On January 30, 2016, prior to a ruling from the N.D. Bankruptcy Court, the E.D. Bankruptcy Court entered the Order of Discharge granting Christian a discharge in the Christian Bankruptcy Action. Subsequently, on February 3, 2016, the N.D. Bankruptcy Court issued an oral ruling on the record holding Christian and Travis Walk in contempt for violating the Cash Collateral Orders. Thereafter, on February 8, 2016, the N.D. Bankruptcy Court entered the Civil Contempt Order, which held Christian and Travis Walk jointly and severally liable for the Contempt Amount.[6] Christian and Travis Walk failed to pay the Contempt Amount to PacWest.

         On May 27, 2016, PacWest initiated an adversary proceeding against Christian in the E.D. Bankruptcy Court, asking the court to hold that the Contempt Amount owed by Christian is not dischargeable. Both parties filed cross-motions for summary judgment. The E.D. Bankruptcy Court granted summary judgment in PacWest's favor on June 29, 2017, concluding that the Contempt Amount is a valid post-petition debt. Thus, the court held that the Contempt Amount was not discharged by the Order of Discharge in the Christian Bankruptcy Action. Christian appeals from this decision.

         II. Analysis

         A. Jurisdiction

         District courts have jurisdiction to hear appeals from “final judgments, orders, and decrees” and, with leave of the court, “other interlocutory orders and decrees” of bankruptcy judges. 28 U.S.C. § 158(a). An appeal from the bankruptcy court to the district court “shall be taken in the same manner as appeals in civil proceedings generally are taken to the courts of appeals from the district courts.” Id. § 158(c)(2). Therefore, “when reviewing a bankruptcy court's decision in a ‘core proceeding, ' a district court functions as a[n] appellate court.” Webb v. Reserve Life Ins. Co. (In re Webb), 954 F.2d 1102, 1103-04 (5th Cir. 1992); accord Perry v. Dearing (In re Perry), 345 F.3d 303, 308-09 (5th Cir. 2003); In re S. White Transp., Inc., 473 B.R. 695, 698 (S.D.Miss. 2012), aff'd, 725 F.3d 494 (5th Cir. 2013).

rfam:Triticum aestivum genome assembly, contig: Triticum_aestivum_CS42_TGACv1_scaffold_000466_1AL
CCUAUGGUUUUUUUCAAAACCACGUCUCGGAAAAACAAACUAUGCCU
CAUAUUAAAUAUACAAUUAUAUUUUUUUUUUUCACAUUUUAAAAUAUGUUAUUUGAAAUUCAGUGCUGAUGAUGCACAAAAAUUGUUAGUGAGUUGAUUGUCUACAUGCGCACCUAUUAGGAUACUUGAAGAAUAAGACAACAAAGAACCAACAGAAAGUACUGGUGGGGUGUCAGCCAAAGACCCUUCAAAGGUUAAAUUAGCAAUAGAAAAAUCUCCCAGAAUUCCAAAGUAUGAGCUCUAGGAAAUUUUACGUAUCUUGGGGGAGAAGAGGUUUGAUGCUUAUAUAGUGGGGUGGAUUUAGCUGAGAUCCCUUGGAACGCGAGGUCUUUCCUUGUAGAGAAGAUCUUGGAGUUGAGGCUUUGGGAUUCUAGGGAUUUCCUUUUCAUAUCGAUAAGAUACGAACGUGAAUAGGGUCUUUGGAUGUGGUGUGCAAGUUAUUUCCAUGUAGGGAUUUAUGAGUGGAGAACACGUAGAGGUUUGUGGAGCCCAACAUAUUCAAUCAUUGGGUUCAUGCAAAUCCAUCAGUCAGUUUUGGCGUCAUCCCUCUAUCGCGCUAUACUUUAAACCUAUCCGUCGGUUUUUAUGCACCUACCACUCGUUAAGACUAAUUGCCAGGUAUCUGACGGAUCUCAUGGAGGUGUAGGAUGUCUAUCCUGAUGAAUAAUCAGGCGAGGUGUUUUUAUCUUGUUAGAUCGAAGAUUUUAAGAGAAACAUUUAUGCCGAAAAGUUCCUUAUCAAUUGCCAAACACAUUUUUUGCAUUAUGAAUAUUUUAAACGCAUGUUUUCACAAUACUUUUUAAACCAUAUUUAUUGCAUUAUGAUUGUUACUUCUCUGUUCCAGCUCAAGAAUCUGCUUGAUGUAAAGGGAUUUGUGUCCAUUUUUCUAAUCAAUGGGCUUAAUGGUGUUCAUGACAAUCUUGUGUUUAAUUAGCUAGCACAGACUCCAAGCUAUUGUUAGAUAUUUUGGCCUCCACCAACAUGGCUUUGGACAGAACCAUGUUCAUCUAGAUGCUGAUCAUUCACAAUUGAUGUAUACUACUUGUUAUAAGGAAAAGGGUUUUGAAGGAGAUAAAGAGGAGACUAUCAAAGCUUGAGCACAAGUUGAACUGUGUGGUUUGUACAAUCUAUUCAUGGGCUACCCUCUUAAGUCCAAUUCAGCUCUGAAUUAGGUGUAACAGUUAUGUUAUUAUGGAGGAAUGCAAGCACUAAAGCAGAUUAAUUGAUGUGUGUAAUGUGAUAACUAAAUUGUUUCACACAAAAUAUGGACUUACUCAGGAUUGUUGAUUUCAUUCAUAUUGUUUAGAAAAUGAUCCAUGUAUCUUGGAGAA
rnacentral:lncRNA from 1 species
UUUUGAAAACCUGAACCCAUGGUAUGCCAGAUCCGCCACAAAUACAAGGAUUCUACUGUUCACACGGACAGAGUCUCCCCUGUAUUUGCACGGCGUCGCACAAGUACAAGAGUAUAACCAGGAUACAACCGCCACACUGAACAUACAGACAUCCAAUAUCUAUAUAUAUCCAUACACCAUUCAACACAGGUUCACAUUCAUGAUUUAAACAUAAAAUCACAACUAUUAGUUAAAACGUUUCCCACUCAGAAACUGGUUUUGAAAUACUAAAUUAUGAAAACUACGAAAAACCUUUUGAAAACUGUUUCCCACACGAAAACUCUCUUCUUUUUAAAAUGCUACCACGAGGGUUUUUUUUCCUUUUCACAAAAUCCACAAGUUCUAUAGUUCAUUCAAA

B. Standard of Review

         In reviewing a decision of the bankruptcy court, Rule 8013 of the Federal Rules of Bankruptcy Procedure requires the court to accept the bankruptcy court's findings of fact unless clearly erroneous and to examine de novo the conclusions of law. See In re Halo Wireless, Inc., 684 F.3d 581, 586 (5th Cir. 2012); Drive Fin. Servs., L.P. v. Jordan, 521 F.3d 343, 346 (5th Cir. 2008); Texas v. Soileau (In re Soileau), 488 F.3d 302, 305 (5th Cir. 2007), cert. denied, 552 U.S. 1180 (2008). Mixed questions of law and fact are reviewed de novo. Tech. Lending Partners, LLC v. San Patricio Cty. Cmty. Action Agency (In re San Patricio Cty. Cmty. Action Agency), 575 F.3d 553, 557 (5th Cir. 2009). “The standard of review for the granting of summary judgment and the denial of a cross-motion for summary judgment is de novo.” St. Paul Fire & Marine Ins. Co. v. Whitaker Constr., Inc., Nos. CIVA 06-1595, 02BK12642, ADVNO 03AP1113, 2007 WL 196903, at *2 (W.D. La. Jan. 23, 2007), aff'd, 288 F. App'x 153 (5th Cir. 2008); see CQ, Inc. v. TXU Min. Co., L.P., 565 F.3d 268, 272 (5th Cir. 2009).

         C. Arguments in Support of Appeal

         Christian appeals the E.D. Bankruptcy Court's judgment on two grounds. First, Christian maintains that the Contempt Amount accrued prior to the filing of the petition in the Christian Bankruptcy Action and, thus, is a dischargeable pre-petition debt. Notably, this is the only argument set forth in Christian's Opening Brief. Second, in her Reply Brief, Christian contends that the Contempt Order merely permitted PacWest to proceed with the contempt hearing but did not authorize the N.D. Bankruptcy Court to order the payment of any sanction. To the extent that the Contempt Order sought to authorize the N.D. Bankruptcy Court to order sanctions, Christian argues such would violate ...